7. Where do you and your team see yourself in coming 5 years? Where do you want to focus in order to improve your cricket?
In comparison to other nations around the world, women’s cricket in Scotland is still relatively new. Over the past 5 years the number of females playing the game in Scotland has significantly increased which is great to see, and hopefully long may that continue. Similarly our national squad has gone from strength to strength. I am very happy with the steps that women’s cricket in Scotland has taken over the past 5 years, and if in the next 5 years I can look back and see that we’re still heading in the same direction at the same pace, I’ll be happy.
8. What would be that one goal of your life to achieve as a Cricketer?
If Scotland qualified to compete at a Cricket World Cup, I could live the rest of my life a happy lady! To have that opportunity on the global stage would be an invaluable experience.
9. Which do you feel has been the biggest highlight of your sporting career so far? Any achievements or rewards that you cherish the most.
The biggest highlight of my cricketing career so far would be every single time I pull on the Scotland shirt and lead my country out on the field – cheesy I know, but true!
I’ve always thought that reaching 100 caps for Scotland would be an incredible achievement. I am now in the mid 90’s and hope to reach the momentous 100 during the upcoming T20 Women’s World Cup Qualifiers in Thailand in November this year. If that happens, I’m sure it’ll be a pretty special moment that I’ll cherish for many years to come.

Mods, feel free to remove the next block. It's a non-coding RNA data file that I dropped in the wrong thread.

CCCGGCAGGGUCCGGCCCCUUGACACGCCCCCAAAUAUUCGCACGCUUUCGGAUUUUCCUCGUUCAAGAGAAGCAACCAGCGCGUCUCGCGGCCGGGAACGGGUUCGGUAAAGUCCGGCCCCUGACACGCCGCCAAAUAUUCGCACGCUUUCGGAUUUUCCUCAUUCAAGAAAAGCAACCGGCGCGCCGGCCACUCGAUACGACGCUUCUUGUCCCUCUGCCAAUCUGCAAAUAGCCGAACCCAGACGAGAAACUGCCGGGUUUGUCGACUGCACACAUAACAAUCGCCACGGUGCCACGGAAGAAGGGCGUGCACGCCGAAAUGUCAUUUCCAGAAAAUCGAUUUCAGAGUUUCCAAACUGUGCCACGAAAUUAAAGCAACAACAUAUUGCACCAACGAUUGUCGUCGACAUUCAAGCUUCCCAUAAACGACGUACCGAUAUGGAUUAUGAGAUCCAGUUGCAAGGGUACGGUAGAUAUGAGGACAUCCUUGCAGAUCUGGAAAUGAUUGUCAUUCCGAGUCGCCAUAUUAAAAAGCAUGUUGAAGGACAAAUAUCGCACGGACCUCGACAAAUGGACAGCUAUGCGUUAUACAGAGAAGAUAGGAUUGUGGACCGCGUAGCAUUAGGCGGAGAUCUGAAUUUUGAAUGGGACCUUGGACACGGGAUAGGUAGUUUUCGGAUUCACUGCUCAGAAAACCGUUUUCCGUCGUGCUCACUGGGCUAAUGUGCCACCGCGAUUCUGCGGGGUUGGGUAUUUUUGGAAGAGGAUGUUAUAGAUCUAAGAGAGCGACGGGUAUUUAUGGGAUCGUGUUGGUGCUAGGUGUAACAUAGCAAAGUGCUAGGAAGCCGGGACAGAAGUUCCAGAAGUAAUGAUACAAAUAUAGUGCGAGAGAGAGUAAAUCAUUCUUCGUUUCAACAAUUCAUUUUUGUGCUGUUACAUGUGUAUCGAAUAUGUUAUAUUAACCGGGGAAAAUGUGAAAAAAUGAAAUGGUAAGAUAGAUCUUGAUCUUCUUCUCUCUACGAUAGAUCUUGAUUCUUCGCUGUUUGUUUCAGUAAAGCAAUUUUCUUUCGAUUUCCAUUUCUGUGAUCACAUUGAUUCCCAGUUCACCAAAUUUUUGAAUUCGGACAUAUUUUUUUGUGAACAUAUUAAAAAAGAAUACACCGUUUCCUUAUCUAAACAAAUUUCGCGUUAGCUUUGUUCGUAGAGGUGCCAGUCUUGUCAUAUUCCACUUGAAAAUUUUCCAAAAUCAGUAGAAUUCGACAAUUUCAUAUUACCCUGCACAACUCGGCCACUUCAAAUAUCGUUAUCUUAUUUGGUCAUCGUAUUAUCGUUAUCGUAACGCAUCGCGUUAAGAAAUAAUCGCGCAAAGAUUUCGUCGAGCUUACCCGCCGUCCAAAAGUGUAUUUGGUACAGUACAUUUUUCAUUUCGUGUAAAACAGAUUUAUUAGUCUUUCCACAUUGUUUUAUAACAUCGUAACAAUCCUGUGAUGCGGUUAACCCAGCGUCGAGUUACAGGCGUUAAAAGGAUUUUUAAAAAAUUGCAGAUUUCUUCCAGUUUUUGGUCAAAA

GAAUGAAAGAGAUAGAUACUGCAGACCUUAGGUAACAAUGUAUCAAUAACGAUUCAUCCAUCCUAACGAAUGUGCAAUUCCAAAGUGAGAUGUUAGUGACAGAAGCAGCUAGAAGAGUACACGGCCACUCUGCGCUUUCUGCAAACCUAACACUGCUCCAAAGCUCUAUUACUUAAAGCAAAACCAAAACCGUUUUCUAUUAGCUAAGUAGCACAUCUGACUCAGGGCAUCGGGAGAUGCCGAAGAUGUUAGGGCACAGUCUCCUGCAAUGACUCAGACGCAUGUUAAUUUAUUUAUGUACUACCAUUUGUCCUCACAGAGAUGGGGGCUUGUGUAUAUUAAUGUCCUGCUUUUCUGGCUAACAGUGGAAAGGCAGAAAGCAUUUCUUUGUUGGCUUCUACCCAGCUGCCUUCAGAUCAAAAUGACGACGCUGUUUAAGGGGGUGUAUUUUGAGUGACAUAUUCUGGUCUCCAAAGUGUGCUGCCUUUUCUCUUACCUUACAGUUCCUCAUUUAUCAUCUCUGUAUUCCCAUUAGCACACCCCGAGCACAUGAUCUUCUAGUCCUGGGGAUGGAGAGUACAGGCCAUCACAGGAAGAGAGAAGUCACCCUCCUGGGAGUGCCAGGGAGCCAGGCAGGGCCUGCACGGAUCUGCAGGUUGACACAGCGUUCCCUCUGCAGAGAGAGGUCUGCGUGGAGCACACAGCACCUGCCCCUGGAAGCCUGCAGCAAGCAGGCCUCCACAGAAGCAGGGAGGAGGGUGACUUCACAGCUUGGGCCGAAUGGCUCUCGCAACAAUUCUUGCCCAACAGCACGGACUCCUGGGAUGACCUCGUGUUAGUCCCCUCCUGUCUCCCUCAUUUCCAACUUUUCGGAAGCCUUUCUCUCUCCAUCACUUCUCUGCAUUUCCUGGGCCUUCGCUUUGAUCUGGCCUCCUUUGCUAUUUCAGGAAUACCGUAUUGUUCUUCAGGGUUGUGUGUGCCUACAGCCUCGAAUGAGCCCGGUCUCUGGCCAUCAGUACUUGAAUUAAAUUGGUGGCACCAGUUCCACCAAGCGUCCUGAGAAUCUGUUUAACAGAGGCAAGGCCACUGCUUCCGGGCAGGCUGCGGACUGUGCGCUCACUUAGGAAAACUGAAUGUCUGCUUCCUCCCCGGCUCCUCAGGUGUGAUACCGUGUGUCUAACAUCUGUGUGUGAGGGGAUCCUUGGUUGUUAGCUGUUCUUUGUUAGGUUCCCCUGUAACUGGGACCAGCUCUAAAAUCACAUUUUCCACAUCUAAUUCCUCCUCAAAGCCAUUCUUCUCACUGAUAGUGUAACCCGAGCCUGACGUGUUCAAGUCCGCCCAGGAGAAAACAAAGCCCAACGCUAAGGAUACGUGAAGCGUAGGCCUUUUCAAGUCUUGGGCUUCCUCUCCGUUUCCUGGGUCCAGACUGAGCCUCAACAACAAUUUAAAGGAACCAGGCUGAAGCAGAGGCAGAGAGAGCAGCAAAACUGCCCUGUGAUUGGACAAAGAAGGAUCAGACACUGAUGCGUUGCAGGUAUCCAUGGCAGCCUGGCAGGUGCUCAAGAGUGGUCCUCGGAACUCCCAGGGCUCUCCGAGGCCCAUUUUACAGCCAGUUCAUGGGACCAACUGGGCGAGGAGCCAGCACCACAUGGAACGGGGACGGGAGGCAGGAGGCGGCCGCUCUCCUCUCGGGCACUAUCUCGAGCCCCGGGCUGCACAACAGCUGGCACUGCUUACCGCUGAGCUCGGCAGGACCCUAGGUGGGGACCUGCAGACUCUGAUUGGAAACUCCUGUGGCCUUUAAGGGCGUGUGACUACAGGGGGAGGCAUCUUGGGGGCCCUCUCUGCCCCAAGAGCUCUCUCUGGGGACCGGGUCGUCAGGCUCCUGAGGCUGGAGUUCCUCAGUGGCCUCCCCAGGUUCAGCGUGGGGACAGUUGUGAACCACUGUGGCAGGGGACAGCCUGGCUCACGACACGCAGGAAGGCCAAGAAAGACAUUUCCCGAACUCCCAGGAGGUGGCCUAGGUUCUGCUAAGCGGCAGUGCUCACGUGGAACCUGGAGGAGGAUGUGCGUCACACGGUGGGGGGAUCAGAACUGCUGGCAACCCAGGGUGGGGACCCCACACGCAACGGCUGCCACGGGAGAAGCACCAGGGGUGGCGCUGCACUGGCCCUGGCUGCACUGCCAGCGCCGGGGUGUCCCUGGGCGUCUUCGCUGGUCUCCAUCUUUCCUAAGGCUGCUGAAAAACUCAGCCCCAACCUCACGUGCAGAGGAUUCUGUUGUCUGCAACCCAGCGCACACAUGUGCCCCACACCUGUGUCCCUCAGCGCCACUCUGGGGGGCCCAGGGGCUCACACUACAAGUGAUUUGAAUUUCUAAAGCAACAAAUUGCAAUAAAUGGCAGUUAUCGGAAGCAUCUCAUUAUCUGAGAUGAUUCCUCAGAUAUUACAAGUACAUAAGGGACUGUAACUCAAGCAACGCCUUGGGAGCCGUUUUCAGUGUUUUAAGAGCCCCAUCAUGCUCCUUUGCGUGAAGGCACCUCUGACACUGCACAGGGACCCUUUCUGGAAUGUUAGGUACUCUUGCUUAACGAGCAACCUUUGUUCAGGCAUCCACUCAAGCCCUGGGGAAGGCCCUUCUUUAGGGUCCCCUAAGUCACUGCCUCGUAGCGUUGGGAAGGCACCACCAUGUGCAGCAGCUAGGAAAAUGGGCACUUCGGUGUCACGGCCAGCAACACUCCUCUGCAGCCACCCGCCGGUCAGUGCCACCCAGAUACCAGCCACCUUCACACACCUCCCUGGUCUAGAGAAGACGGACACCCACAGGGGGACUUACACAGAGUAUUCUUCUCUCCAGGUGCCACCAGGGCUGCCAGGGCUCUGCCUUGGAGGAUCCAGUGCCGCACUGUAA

10. There are a lot of men’s T20 leagues like the IPL, CPL, BPL, the Big Bash, etc which have been very successful recently. Do you think there is a need for a similar league for women?
Yes, and there is one. In a few months time we will see the launch of the Women’s Big Bash in Australia. This is an incredibly exciting time for women’s cricket and the investment shown into the female game has been significant. Excitingly for us [Scotland], the ICC have also launched a ‘Rookie Programme’ that could potentially give 8 of the best Associate and Affiliate female cricketers the chance to join up with one of the franchises in December for a two week period. This would be a once in a lifetime opportunity and an invaluable experience; being able to learn from and train with some of the best female cricketers in the world.
11. What do you feel is the future of Women's Cricket in your Country?
Over recent years, Cricket Scotland have shown improved investment in the Women’s game and this looks like it will continue. This support and backing has been crucial in order to continue to grow and popularise the female game in Scotland. I really believe it is exciting times and the future looks bright!
12. Who would you credit most for your success and why?
My mum for pushing/supporting/cheering/empathising/commiserating/nursing/caring and motivating me – to name a few!
And ultimately my team mates – these girls are the people who challenge you the most and push you to reach your goals. We strive for and share success when it comes. It’s important to surround yourself with good people who share your vision.
13. Your advice to the youngsters taking up Cricket as a career?
Always make sure you love what you’re doing and that you’re doing it for no one but yourself. Success only comes to those who work hard for it. Chase your dreams and never give up!
14. One thing that you want us (Global Cricket Community) to do for the Cricket Community and why?
Help promote the ever-growing women’s game, giving it fair attention, promotion and coverage that it rightly deserves.